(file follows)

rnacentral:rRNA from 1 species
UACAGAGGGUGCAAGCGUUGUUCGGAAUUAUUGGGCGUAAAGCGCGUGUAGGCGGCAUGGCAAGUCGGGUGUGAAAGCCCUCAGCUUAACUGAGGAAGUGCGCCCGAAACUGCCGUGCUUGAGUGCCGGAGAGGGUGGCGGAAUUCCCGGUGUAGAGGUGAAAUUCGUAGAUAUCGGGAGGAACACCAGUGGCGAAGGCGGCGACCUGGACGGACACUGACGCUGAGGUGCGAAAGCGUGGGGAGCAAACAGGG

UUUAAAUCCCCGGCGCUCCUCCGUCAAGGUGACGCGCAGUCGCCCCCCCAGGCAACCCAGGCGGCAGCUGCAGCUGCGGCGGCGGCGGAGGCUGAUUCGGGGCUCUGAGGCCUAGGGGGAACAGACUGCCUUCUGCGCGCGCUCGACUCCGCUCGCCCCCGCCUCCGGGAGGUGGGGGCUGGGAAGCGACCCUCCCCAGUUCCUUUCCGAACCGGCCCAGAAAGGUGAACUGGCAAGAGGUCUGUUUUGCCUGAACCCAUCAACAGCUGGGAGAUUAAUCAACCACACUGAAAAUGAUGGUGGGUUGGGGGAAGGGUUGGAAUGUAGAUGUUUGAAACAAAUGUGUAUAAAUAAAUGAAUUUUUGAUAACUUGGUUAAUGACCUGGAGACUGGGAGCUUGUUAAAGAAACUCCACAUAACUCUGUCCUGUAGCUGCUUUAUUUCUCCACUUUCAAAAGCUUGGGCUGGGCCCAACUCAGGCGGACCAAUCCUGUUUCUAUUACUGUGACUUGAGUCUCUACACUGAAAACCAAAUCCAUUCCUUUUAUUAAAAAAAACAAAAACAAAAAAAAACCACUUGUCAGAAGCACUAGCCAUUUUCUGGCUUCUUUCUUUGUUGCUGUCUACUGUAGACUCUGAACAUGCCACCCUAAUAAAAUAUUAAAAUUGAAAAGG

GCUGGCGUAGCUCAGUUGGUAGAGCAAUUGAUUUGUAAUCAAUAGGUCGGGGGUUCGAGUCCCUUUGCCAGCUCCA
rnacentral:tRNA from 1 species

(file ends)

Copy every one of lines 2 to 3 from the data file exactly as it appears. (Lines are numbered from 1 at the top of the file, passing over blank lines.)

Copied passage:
UACAGAGGGUGCAAGCGUUGUUCGGAAUUAUUGGGCGUAAAGCGCGUGUAGGCGGCAUGGCAAGUCGGGUGUGAAAGCCCUCAGCUUAACUGAGGAAGUGCGCCCGAAACUGCCGUGCUUGAGUGCCGGAGAGGGUGGCGGAAUUCCCGGUGUAGAGGUGAAAUUCGUAGAUAUCGGGAGGAACACCAGUGGCGAAGGCGGCGACCUGGACGGACACUGACGCUGAGGUGCGAAAGCGUGGGGAGCAAACAGGG

UUUAAAUCCCCGGCGCUCCUCCGUCAAGGUGACGCGCAGUCGCCCCCCCAGGCAACCCAGGCGGCAGCUGCAGCUGCGGCGGCGGCGGAGGCUGAUUCGGGGCUCUGAGGCCUAGGGGGAACAGACUGCCUUCUGCGCGCGCUCGACUCCGCUCGCCCCCGCCUCCGGGAGGUGGGGGCUGGGAAGCGACCCUCCCCAGUUCCUUUCCGAACCGGCCCAGAAAGGUGAACUGGCAAGAGGUCUGUUUUGCCUGAACCCAUCAACAGCUGGGAGAUUAAUCAACCACACUGAAAAUGAUGGUGGGUUGGGGGAAGGGUUGGAAUGUAGAUGUUUGAAACAAAUGUGUAUAAAUAAAUGAAUUUUUGAUAACUUGGUUAAUGACCUGGAGACUGGGAGCUUGUUAAAGAAACUCCACAUAACUCUGUCCUGUAGCUGCUUUAUUUCUCCACUUUCAAAAGCUUGGGCUGGGCCCAACUCAGGCGGACCAAUCCUGUUUCUAUUACUGUGACUUGAGUCUCUACACUGAAAACCAAAUCCAUUCCUUUUAUUAAAAAAAACAAAAACAAAAAAAAACCACUUGUCAGAAGCACUAGCCAUUUUCUGGCUUCUUUCUUUGUUGCUGUCUACUGUAGACUCUGAACAUGCCACCCUAAUAAAAUAUUAAAAUUGAAAAGG